Back to St. Louis, though: I liked the Blues to get past San Jose, although, like you, I was impressed with the way the Sharks really got it going down the stretch. The Blues, meanwhile, wobbled a bit, winning just one of their last five games to give up the top seed in the conference and a shot at the Presidents’ Trophy. I'm curious to see how Hitchcock handles his goaltending, given that Brian Elliott has the superior numbers and Jaroslav Halak has the playoff experience and was so good for Montreal in their run to the Eastern Conference finals in 2010.

As for the best series of the bunch, in my opinion, with Detroit starting in Nashville, has there been a more important series for the Predators? They made important moves at the trade deadline in acquiring Andrei Kostitsyn, Paul Gaustad and Hal Gill, then got Alexander Radulov and now have to get past their old nemesis, the Red Wings, if they want to duplicate last year’s first-ever playoff series victory. The outcome is so important as it relates not just to this spring but also to the team’s ability to lock up Ryan Suter and Shea Weber.

LEBRUN: Oh, not much on the line at all in Nashville. Just the very existence of its franchise. OK, I'm exaggerating. But as you point out, so much is tied to the futures of Suter (slated to be a UFA on July 1) and Weber (RFA on July 1) and the playoff performance of this team this spring as it pertains to whether they decide to commit long-term to the Predators. I think you can't underestimate how much finally winning a playoff series last spring, the first in Nashville franchise history, has helped the team's psyche. I talked to head coach Barry Trotz about this earlier this season, and he couldn't stress enough how beating Anaheim in the playoffs last season kicked a giant elephant out of the Preds' room. Whether they would admit or not before they won, there's self-doubt that creeps into your mind, as players and coaches, when year after year you keep losing in the first round -- even if you were the small-payroll, plucky underdog most of those years. You still want to get one under your belt to build a belief in your room. Now that's there. It's why I picked the Preds to win a difficult series in seven games. They know what it's like to win a series, and that's paramount as they prepare to face the NHL's most consistent, winning franchise of the past two decades.

BURNSIDE: OK, we haven’t really talked about the Presidents’ Trophy winners, last year’s Stanley Cup finalists, the Vancouver Canucks. They look to get Daniel Sedin back, and I think their experiences of a year ago will carry them past a Los Angeles Kings team that looked at times during the last third of the season like it could be capable of a couple of playoff series wins. But who will be tending goal by the end of that series for the Canucks? That’s a toss-up. GM Mike Gillis said earlier that Roberto Luongo will be the team’s starter in Game 1, but you have to believe that coach Alain Vigneault won’t wait long to go to Cory Schneider, who was terrific this season, turning in a sparkling 1.96 GAA and .937 save percentage. So, let’s get down to brass tacks here. The way I have my grid working out in the Western Conference: the Blackhawks and the Canucks in the second round with Nashville and St. Louis battling in the other semifinal. Then, I’ve got Chicago and Nashville in the conference finals, and going back to my preseason prediction for consistency (and because I really had no clue other than that), I have Chicago advancing to the Cup finals. Regardless of how this shakes down, the route through the Western Conference promises to be one hellacious journey. What does your crystal ball tell you, my friend?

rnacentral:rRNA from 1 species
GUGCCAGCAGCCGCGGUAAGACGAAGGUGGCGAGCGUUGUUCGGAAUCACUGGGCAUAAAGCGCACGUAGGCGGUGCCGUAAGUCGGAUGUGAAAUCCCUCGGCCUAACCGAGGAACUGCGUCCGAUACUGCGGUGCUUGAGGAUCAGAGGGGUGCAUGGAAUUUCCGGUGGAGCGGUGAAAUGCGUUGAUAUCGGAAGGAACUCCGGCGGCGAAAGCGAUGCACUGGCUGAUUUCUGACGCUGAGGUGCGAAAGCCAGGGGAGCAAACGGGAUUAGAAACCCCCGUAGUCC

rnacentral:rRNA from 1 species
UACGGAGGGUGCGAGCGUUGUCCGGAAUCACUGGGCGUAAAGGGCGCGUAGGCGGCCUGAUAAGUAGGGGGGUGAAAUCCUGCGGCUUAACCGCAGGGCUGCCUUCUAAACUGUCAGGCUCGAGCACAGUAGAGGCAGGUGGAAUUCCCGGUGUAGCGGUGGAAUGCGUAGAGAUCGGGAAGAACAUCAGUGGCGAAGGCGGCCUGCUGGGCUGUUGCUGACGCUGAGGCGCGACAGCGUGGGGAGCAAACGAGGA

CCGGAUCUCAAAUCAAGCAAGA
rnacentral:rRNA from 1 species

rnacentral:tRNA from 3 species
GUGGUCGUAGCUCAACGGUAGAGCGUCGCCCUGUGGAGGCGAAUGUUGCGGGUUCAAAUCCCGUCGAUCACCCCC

LEBRUN: After I conversed with my 3-year-old daughter, Melanie, we decided we’d go with a Vancouver-Nashville Western Conference finals. Because I like to go against the grain of society, I’m going to take the plucky Preds to make it the Cup finals. Of course, now you know that means they’re out in the first round against Detroit. Which wouldn’t surprise me a bit. That’s the West this season for you, eight teams with a real shot at it. But you’re right on the Canucks’ goalie situation. I guarantee you, and so does Melanie, that both Luongo and Schneider will see action in these playoffs. And as much as Luongo is on a short leash, so is Schneider. Vigneault feels he has two 1A netminders to choose from. And it's no different from swapping a player from his power-play unit. I think the Canucks head coach is going to swap netminders without reservation knowing he has full confidence in both of them.

Well, sir, enjoy your playoffs in the East. I think I’ve got my hands full here in the West.